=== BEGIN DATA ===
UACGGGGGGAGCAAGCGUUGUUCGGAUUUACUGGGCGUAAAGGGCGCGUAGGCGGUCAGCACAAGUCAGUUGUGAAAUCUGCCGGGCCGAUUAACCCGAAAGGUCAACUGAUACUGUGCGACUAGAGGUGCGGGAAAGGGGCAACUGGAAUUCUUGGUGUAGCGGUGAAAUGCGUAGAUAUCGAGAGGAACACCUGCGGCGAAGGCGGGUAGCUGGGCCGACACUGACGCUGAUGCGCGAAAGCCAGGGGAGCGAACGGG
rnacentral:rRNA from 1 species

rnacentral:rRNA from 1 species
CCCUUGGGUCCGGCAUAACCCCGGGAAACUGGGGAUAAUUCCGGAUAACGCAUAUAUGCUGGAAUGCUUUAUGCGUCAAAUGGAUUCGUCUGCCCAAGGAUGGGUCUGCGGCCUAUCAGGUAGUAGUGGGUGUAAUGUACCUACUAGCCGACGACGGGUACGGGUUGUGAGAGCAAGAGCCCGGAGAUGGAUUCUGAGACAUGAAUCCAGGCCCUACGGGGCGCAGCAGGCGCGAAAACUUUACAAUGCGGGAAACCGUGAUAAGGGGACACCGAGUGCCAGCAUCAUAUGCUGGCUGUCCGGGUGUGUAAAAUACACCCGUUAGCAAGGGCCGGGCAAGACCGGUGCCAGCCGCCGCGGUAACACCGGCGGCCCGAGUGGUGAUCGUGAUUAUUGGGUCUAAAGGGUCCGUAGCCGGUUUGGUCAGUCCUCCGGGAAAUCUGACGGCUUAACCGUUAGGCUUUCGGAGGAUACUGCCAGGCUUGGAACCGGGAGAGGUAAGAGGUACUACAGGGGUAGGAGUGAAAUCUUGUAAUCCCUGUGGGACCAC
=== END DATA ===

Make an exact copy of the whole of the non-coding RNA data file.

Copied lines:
UACGGGGGGAGCAAGCGUUGUUCGGAUUUACUGGGCGUAAAGGGCGCGUAGGCGGUCAGCACAAGUCAGUUGUGAAAUCUGCCGGGCCGAUUAACCCGAAAGGUCAACUGAUACUGUGCGACUAGAGGUGCGGGAAAGGGGCAACUGGAAUUCUUGGUGUAGCGGUGAAAUGCGUAGAUAUCGAGAGGAACACCUGCGGCGAAGGCGGGUAGCUGGGCCGACACUGACGCUGAUGCGCGAAAGCCAGGGGAGCGAACGGG
rnacentral:rRNA from 1 species

rnacentral:rRNA from 1 species
CCCUUGGGUCCGGCAUAACCCCGGGAAACUGGGGAUAAUUCCGGAUAACGCAUAUAUGCUGGAAUGCUUUAUGCGUCAAAUGGAUUCGUCUGCCCAAGGAUGGGUCUGCGGCCUAUCAGGUAGUAGUGGGUGUAAUGUACCUACUAGCCGACGACGGGUACGGGUUGUGAGAGCAAGAGCCCGGAGAUGGAUUCUGAGACAUGAAUCCAGGCCCUACGGGGCGCAGCAGGCGCGAAAACUUUACAAUGCGGGAAACCGUGAUAAGGGGACACCGAGUGCCAGCAUCAUAUGCUGGCUGUCCGGGUGUGUAAAAUACACCCGUUAGCAAGGGCCGGGCAAGACCGGUGCCAGCCGCCGCGGUAACACCGGCGGCCCGAGUGGUGAUCGUGAUUAUUGGGUCUAAAGGGUCCGUAGCCGGUUUGGUCAGUCCUCCGGGAAAUCUGACGGCUUAACCGUUAGGCUUUCGGAGGAUACUGCCAGGCUUGGAACCGGGAGAGGUAAGAGGUACUACAGGGGUAGGAGUGAAAUCUUGUAAUCCCUGUGGGACCAC